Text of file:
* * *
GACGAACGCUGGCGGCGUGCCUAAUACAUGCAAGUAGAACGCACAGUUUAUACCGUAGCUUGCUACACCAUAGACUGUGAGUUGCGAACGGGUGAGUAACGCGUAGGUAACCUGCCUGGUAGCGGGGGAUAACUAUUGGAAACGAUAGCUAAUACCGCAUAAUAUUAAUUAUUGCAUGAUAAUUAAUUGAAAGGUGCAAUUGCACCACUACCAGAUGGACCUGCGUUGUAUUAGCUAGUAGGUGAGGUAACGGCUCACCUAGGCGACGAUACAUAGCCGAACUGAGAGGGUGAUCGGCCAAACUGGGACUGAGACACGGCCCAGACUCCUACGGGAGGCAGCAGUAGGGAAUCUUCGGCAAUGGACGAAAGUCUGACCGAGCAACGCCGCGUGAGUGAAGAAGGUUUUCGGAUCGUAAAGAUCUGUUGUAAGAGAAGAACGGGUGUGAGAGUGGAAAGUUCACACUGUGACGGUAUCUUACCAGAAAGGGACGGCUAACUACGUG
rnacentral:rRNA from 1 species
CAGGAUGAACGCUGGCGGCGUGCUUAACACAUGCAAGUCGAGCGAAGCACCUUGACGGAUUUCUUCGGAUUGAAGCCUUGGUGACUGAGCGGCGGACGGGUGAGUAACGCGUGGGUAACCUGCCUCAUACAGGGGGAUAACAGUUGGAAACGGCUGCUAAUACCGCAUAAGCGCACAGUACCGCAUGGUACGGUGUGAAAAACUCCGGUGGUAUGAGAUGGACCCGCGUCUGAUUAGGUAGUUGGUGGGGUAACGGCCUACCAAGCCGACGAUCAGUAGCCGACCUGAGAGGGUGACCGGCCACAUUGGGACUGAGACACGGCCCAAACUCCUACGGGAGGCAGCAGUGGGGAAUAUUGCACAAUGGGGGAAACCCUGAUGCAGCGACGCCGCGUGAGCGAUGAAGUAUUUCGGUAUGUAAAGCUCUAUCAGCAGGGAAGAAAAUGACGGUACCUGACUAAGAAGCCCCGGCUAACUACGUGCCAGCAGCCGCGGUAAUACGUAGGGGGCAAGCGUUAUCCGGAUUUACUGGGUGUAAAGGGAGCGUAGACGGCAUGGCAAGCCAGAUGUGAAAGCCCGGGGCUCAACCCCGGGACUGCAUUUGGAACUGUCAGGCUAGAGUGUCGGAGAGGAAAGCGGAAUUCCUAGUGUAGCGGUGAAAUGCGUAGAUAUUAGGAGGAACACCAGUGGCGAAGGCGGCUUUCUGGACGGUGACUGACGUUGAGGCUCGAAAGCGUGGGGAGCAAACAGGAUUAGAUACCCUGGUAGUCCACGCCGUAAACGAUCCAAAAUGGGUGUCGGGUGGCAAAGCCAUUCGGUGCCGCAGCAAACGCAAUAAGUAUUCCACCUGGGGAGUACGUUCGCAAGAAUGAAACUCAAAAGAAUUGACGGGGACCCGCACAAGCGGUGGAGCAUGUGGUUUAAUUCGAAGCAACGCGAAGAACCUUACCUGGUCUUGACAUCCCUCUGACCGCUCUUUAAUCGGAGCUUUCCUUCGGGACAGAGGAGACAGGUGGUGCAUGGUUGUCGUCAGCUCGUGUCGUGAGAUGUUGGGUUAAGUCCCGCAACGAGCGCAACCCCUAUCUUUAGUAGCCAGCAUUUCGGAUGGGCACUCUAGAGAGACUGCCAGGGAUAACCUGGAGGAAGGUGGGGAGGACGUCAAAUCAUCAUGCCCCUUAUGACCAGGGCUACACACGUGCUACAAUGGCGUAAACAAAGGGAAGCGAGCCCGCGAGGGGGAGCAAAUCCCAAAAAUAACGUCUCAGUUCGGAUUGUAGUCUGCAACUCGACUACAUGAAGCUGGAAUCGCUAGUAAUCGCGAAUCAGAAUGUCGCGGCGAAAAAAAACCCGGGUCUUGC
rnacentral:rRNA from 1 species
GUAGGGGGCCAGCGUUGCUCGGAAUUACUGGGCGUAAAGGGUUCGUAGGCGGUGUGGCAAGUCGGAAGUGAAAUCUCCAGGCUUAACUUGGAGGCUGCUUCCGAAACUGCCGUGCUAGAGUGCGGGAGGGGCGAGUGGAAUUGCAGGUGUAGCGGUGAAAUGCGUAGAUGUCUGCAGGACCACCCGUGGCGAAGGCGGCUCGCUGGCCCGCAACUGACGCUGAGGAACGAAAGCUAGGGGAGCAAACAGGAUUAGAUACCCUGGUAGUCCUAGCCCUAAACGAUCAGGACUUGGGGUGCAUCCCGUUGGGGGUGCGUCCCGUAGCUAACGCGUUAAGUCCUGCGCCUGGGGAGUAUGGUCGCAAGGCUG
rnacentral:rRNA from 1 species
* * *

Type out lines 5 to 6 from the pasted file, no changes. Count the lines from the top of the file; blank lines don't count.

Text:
GUAGGGGGCCAGCGUUGCUCGGAAUUACUGGGCGUAAAGGGUUCGUAGGCGGUGUGGCAAGUCGGAAGUGAAAUCUCCAGGCUUAACUUGGAGGCUGCUUCCGAAACUGCCGUGCUAGAGUGCGGGAGGGGCGAGUGGAAUUGCAGGUGUAGCGGUGAAAUGCGUAGAUGUCUGCAGGACCACCCGUGGCGAAGGCGGCUCGCUGGCCCGCAACUGACGCUGAGGAACGAAAGCUAGGGGAGCAAACAGGAUUAGAUACCCUGGUAGUCCUAGCCCUAAACGAUCAGGACUUGGGGUGCAUCCCGUUGGGGGUGCGUCCCGUAGCUAACGCGUUAAGUCCUGCGCCUGGGGAGUAUGGUCGCAAGGCUG
rnacentral:rRNA from 1 species